Using the new high-pass filter, for the first time, ATESTEO offers the possibility to recognize AC ripple well, to measure it accurately, and to make it available to the customer as a meaningful value.
ATESTEO low-pass filter for accurate measurement despite high-frequency oscillations
High-frequency oscillations in the torque signal can challenge the measurement technique. This is especially true if the frequency of the oscillations is above the actual dynamics of the measuring system. Thus, these high-frequency vibrations also occur more frequently on e-mobility test benches owing to their comparatively high rotational speeds. Torque peaks of 10 kHz and more, triggered, for example, by tooth engagement frequencies, are then possible.
Signal with 15 kHz oscillation
Previously: lost signal oscillation makes efficiency measurement inaccurate
The frequency of such oscillations is higher than the typical torque measurement dynamics of 7 kHz. As a result, these high-frequency oscillation torque values would only be transmitted with a limited frequency via the wireless data interface. The signal oscillation would thus be (partially) lost on the way to the measuring instrument (cf. Nyquist frequency). Data analysis and data interpretation would therefore be more complicated and accurate efficiency measurements impossible.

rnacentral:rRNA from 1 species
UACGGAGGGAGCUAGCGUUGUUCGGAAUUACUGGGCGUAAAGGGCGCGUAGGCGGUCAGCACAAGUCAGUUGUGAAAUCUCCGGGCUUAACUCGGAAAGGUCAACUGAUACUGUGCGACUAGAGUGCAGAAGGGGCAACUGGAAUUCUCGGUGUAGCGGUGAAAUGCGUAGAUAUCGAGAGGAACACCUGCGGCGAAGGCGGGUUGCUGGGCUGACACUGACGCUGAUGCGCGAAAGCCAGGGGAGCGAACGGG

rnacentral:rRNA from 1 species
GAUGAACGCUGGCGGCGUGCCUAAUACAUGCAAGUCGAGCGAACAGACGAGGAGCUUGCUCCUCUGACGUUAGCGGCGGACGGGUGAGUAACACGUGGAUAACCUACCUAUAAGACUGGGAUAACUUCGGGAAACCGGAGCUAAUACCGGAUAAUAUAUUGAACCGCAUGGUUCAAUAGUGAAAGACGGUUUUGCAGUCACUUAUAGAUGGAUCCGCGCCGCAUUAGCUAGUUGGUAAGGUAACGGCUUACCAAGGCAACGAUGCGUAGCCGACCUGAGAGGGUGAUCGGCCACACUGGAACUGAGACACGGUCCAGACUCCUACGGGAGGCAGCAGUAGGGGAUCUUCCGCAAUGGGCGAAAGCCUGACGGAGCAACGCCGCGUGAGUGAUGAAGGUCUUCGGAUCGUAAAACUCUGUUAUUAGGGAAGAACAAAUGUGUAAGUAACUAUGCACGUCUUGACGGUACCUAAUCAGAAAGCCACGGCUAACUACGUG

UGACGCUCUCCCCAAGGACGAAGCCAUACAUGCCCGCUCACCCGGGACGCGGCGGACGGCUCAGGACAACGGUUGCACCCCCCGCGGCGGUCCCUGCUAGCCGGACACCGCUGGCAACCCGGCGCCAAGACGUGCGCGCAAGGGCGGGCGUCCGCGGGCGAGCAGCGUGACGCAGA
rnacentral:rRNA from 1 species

25 kHz sampled signal (equivalent to 7 kHz dynamic response)
The solution: filtering the signal with individual filter corner frequency
Using the new low-pass filter, ATESTEO filters the signal before it is passed on to the stationary part of the torque sensor. The low-pass filter function is implemented by electronic filter components which are installed on the rotor electronics during their production. The individual filter corner frequency can be selected before production. As a result, the output signal of the torque measuring system is free of vibrations and can thus be analysed more easily.
The low-pass filter is available for selected ATESTEO torque sensors (torque transducers). Dual telemetry systems enable the parallel transmission of the original and filtered signals to the evaluation unit. High-frequency oscillation signals can also be measured and evaluated with special NVH equipment, which has more dynamic signal detection than wireless rotation systems.